Tuesday, October 16, 2018

New education program focused on outdoors comes to Trinity

CHLOE MILLER ’14
SENIOR EDITOR

While many Trinity students look forward to their midterm mini-vacation as a time to eat home-cooked meals, sleep in their childhood bed, or actually catch up on studying (or Netflix?), several students took advantage of this fall’s Trinity Days with a three-night camping and rock climbing trip in the Adirondack Mountains.

As part of a new Experiential Education program run out of the Athletics Department at Trinity, the trip was the first of many student-organized trips focused on outdoor recreation, leadership skills, and wilderness education. The program was designed as an extension of Quest, the popular pre-orientation backpacking program for incoming freshman. Director of the Quest Program Kevin Johnson sees the experiential education program as a way to bring outdoor opportunities to the entire student body, and to provide interested students an opportunity to peer-lead such trips.

“This isn’t the typical education that you’d get from a classroom, but important life skills that go beyond the walls of school. There’s an opportunity for everyone to get involved,” said Johnson, who came to Trinity this year after spending many years leading Outward Bound and other wilderness orientation programs in New York.

Dave Bell ’14 was the student leader for this trip, along with seven other student participants: Mike McLean ’14, Jami Cogswell ’16, Schirin Schenkermayr ’16, Adam Hammershoy ’17, Victoria Zimmerman ’14, Will Gleysteen ’14, and Anthony Flores ’16. There was a wide range of experience among the participants, from McLean, who is president of the rock climbing club, to students who had never rock climbed outside before.

Bell and Johnson began planning the Trinity Days rock climbing trip in the second week of school, and were able to use equipment from the Quest program for both camping and climbing. Food and transportation were included in the program, and each participant paid just twenty dollars to subsidize the trip.

They had originally planned to head up to the White Mountains of Vermont, but due to the government shutdown the recreational areas were closed. At the last minute, Johnson was able to find a comparable site in the Adirondacks, near Keene, New York. As an added bonus, the Reel Rock Film Tour, a series of climbing-related films, was playing in Keene on Saturday night, so the group got the chance to relax and watch some of the climbing great on the big screen.

“It only rained one of the nights, and we were still able to climb every day!” said Johnson, stressing the importance of flexibility in outdoor excursions such as these. The group did different types of climbing on Saturday, Sunday, and Monday of Trinity Days, including crack climbing, face climbing, and a day of hiking to an overhanging cliff.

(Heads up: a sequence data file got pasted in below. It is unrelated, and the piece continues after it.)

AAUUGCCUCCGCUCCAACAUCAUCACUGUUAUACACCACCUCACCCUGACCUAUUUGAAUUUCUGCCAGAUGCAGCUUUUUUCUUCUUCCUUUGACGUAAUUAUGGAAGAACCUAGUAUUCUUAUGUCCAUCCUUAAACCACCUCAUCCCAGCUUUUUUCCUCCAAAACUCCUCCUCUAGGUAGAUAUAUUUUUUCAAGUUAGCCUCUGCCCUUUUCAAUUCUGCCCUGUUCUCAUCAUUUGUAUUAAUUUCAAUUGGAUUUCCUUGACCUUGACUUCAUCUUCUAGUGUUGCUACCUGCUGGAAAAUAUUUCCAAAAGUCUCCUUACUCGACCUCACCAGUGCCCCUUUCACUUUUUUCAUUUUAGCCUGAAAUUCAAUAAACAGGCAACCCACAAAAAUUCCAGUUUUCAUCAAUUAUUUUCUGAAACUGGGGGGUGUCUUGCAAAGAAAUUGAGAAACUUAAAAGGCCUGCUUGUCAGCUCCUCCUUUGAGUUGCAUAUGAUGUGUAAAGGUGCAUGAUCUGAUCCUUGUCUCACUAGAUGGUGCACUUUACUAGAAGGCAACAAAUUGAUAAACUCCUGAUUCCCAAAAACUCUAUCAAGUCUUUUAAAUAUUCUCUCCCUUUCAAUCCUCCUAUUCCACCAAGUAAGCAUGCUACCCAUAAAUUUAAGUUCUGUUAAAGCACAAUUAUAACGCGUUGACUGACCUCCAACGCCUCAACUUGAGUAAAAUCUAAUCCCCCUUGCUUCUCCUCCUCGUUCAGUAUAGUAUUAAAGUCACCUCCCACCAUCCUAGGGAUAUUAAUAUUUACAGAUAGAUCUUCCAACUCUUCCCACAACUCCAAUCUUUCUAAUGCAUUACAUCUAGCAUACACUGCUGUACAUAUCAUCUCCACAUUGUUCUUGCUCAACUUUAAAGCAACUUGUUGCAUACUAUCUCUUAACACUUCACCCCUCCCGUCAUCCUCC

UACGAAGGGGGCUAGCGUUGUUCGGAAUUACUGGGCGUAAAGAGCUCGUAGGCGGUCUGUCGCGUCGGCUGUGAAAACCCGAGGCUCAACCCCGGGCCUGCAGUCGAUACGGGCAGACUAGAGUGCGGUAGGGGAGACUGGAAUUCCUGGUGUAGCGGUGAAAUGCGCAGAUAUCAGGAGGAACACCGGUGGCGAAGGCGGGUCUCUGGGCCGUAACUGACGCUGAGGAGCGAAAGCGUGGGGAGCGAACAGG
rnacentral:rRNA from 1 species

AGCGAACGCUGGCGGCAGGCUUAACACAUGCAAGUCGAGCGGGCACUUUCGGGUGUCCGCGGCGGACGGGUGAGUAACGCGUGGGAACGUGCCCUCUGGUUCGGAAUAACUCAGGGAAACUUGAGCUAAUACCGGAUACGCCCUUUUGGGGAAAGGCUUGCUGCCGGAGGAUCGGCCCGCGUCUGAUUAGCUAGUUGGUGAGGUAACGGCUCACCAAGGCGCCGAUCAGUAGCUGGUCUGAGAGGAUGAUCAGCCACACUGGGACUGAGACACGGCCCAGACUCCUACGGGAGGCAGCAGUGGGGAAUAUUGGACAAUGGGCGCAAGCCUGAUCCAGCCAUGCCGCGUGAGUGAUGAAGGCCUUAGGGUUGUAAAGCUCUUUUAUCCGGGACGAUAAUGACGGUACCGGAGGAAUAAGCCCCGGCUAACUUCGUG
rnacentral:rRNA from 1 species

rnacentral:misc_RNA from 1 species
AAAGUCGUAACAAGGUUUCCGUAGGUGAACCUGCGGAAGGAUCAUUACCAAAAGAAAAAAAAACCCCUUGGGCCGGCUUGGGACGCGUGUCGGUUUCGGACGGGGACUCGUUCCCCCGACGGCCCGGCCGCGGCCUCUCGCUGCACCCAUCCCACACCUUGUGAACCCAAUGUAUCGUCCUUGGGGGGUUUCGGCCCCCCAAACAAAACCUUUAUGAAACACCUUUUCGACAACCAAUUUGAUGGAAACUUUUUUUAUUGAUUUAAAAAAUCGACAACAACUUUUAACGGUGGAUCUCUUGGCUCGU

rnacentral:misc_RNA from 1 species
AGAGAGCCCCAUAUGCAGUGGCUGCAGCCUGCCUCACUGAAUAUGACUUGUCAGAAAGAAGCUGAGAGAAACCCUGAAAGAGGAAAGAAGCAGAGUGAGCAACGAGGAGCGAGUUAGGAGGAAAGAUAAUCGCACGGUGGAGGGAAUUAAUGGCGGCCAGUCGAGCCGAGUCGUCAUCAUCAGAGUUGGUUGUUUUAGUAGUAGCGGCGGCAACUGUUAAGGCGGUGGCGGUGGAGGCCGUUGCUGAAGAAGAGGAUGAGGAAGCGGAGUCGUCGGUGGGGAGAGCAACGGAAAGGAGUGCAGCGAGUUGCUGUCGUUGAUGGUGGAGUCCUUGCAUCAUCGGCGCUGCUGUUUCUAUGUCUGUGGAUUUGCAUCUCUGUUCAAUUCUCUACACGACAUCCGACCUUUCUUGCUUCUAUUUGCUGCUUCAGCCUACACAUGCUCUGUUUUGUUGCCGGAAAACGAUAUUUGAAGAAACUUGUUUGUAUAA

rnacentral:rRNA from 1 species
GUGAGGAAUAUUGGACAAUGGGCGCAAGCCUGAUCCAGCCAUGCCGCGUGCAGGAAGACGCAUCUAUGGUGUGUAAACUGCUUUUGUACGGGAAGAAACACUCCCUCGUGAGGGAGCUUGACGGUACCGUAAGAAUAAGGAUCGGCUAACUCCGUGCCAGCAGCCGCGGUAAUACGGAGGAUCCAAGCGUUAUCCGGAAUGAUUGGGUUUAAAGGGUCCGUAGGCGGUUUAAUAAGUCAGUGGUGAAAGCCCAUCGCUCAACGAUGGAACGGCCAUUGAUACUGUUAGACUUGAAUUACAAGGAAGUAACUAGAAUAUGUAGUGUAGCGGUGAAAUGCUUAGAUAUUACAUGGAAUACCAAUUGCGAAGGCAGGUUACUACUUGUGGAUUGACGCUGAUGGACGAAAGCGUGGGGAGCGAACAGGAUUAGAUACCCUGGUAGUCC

“We had to bushwhack our way through a couple miles along a ridge, and the view from up there was amazing,” said Bell, who said that was his favorite part of the weekend. “Everyone, no matter their skill level, was definitely challenging themselves all weekend,” he added. Johnson, Bell, and other participants who had relevant experience helped teach technical skills throughout the weekend, such as belaying techniques, “anchoring,” and self-rescue skills.

“The main point of this trip, besides climbing, was to teach self-reliance,” said Bell, who has been a Quest leader for three years and spent a semester in Utah and Wyoming on a NOLS outdoor leadership course. He is interested in pursuing a future career as an outdoor guide, and this program is giving him real, marketable experience.

Johnson is in the process of launching the rest of the experiential education program, which will include shorter day trips, longer trips outside of New England, on-campus clinics, and a half-credit leadership course. Activities will include canoeing, hiking and backpacking, backcountry skiing, ice climbing, and many other exciting outdoor sports.

“The leadership course will be designed to teach students the different elements of planning an outdoors trip and giving them the skills they need to execute a trip,” said Johnson. Students will go over risk management techniques, learn practical wilderness skills such as fire-building, and learn relevant first-aid and emergency procedures for the backcountry. The main assessment point of the course will be a mock trip proposal that students will then execute under Johnson’s close supervision. The long-term goal of the program is to produce student leaders qualified to lead and facilitate a variety of trips offered to the student body. Johnson and Bell both see very high interest levels in outdoor activities among students at Trinity, but many don’t realize how much is being offered. The rock climbing club, started in 2010, has brought at least 50 people out on trips this year, and has a weekly appointment with an indoor climbing gym. The Outdoors Club, rejuvenated under new leadership, has been organizing hikes this year almost every Sunday to mountains within a few hours’ drive, and have had great turnouts. The Experiential Education program will advertise future trips through complementary student groups such as these, as well as on outlets such as Trinity Today and through word-of-mouth. Johnson sees the experiential education program as an extension of the Quest program as well. “There are a lot of people I meet who didn’t participate in Quest but say they really wish they had, and now there’s an opportunity for that,” Johnson said.

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